Phoenix Park - On a sunny day, the place to be is Phoenix Park. With more than 1,700 acres of open grass and shady spots, the park is a good place for a picnic or peaceful walk. It's also where the Dublin Zoo and the Irish president's house are located. For more information on the zoo, visit www.dublinzoo.ie.
Other sites: There are also many free museums and libraries celebrating Ireland's rich literary history. The Chester Beatty Library features a large array of religious manuscripts, including ancient copies of the Bible and Koran. The Hugh Lane Municipal Gallery of Modern Art houses Hugh Lane's personal collection that he left to the city of Dublin when he was killed on the Lusitania in 1915. Featured are Impressionist works by Manet and Degas as well as many Irish artists.
The National Gallery of Ireland houses a collection of European art from the 14th to 20th centuries. There is also a room dedicated to W.B. Yeats. The National Museum showcases Ireland's history from 2000 B.C. to modern times including ancient artifacts. Other free sights include the National Library, which is a good place to research your heritage, and the Irish Museum of Modern Art which focuses on temporary exhibits. For information on currenty displays, visit www.modernart.ie.
Temple Bar area - A mix of older pubs and newer bars, this area is for the young and wild crowd. During the day, it's a good area to see what's playing at the theaters or grab a pub lunch, but when the clubs open it transforms into party central. Those looking for the traditional Irish pub experience should avoid the Temple Bar area at night.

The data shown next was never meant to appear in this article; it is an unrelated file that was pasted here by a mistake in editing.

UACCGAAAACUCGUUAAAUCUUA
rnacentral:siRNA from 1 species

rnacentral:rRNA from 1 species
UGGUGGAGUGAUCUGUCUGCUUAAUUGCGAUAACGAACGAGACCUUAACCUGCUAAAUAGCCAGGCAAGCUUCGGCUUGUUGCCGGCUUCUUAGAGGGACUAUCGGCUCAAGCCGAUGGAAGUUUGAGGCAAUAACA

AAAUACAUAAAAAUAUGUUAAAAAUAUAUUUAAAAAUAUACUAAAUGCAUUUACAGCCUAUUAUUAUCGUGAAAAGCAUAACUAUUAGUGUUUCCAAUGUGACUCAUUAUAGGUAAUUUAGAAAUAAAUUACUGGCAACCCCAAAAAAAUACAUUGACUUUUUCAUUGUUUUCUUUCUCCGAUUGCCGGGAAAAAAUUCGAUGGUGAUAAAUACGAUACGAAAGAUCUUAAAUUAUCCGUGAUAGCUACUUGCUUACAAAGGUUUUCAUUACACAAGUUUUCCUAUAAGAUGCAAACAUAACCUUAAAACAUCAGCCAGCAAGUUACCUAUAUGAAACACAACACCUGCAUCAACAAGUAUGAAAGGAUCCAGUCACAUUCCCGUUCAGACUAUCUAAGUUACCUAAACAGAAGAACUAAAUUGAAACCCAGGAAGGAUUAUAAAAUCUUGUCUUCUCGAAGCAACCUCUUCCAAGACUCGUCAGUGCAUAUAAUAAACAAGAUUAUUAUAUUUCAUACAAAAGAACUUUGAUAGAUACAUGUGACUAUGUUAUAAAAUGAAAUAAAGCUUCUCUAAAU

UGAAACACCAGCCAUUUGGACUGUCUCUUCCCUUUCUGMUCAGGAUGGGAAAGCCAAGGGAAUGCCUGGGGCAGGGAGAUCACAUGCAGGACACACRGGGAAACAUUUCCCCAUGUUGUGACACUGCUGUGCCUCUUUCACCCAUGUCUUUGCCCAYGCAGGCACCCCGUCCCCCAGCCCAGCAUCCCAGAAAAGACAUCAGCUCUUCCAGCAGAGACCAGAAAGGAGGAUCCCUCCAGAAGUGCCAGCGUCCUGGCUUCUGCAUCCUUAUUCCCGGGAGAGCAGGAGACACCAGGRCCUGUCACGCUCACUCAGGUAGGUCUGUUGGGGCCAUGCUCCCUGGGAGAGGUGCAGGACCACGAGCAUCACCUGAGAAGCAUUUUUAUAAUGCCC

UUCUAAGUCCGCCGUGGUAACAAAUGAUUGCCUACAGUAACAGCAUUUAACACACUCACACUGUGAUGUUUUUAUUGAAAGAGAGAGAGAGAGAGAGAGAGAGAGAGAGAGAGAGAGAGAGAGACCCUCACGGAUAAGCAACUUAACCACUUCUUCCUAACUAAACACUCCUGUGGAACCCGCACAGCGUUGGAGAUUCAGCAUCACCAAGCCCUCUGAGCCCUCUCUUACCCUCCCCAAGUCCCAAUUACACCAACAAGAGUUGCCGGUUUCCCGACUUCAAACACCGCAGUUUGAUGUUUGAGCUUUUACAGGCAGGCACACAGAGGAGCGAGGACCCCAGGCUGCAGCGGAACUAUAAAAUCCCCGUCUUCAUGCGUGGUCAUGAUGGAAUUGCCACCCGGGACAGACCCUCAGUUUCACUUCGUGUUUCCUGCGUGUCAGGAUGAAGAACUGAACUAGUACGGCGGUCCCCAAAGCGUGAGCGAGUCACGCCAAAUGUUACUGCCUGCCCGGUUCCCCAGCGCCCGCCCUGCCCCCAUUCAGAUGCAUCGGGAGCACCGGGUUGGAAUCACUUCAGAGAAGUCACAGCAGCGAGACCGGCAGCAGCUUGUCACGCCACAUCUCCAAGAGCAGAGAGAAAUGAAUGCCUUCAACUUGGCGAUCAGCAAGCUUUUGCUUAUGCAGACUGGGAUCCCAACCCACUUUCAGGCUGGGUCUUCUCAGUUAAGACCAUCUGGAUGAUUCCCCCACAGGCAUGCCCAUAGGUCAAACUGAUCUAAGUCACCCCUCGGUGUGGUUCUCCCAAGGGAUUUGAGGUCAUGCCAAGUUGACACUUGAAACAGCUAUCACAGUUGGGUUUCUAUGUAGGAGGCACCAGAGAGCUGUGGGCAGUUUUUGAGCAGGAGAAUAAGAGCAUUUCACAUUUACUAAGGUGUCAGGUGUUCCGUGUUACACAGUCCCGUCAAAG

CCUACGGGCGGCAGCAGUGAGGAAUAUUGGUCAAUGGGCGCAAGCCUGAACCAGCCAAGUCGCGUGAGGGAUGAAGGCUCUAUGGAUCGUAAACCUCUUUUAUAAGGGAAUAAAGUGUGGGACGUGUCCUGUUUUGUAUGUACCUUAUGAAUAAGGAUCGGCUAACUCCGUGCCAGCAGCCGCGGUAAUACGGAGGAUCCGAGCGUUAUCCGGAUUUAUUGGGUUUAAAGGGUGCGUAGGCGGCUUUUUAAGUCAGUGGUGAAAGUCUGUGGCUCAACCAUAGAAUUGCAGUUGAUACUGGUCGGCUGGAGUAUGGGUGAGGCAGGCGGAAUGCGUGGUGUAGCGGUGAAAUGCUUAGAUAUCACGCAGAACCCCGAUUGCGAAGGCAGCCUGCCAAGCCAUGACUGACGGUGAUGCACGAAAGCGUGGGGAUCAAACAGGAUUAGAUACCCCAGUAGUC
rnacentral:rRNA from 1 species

Grafton Street - This is Dublin's main shopping area. A pedestrian-only area, Grafton Street is lined with hotels, restaurants and shops and is a great place to walk, but don't look for bargain shopping here - most of the shops are upscale. The streets around Grafton are also great for shopping and feature many specialty stores.
Getting there and around:
Many low-cost airlines fly into Dublin airport, which is about seven miles north of the city. Getting into the city is easy, with several bus service and taxi options. Inexpensive options include the Air Coach, which runs every 15 minutes, 24 hours a day and stops in areas heavily populated by hotels. The coach costs €7 one way or €12 round-trip. Another option is the Dublin bus, which stops in many of the same places and costs €5 but takes a bit longer to get into town. The bus runs daily from 6 a.m. to 11:30 p.m. Taxis are also available at the airport, but because of the Dublin traffic situation the drive can take 30-45 minutes depending on the destination. Buses have their own lane.
Car rentals are available at the airport, but unless visitors are exploring other parts of Ireland, I wouldn't recommend renting a car in Dublin. The traffic is terrible and parking is expensive. The city itself is compact and it's quicker and easier to walk places.
For visitors exploring outside of Dublin, there's the Dublin Area Rapid Transit (DART) system. This ground-level train travels to the outskirts of the city and the seaside towns to the north and south. For schedules and routes, visit www.irishrail.ie.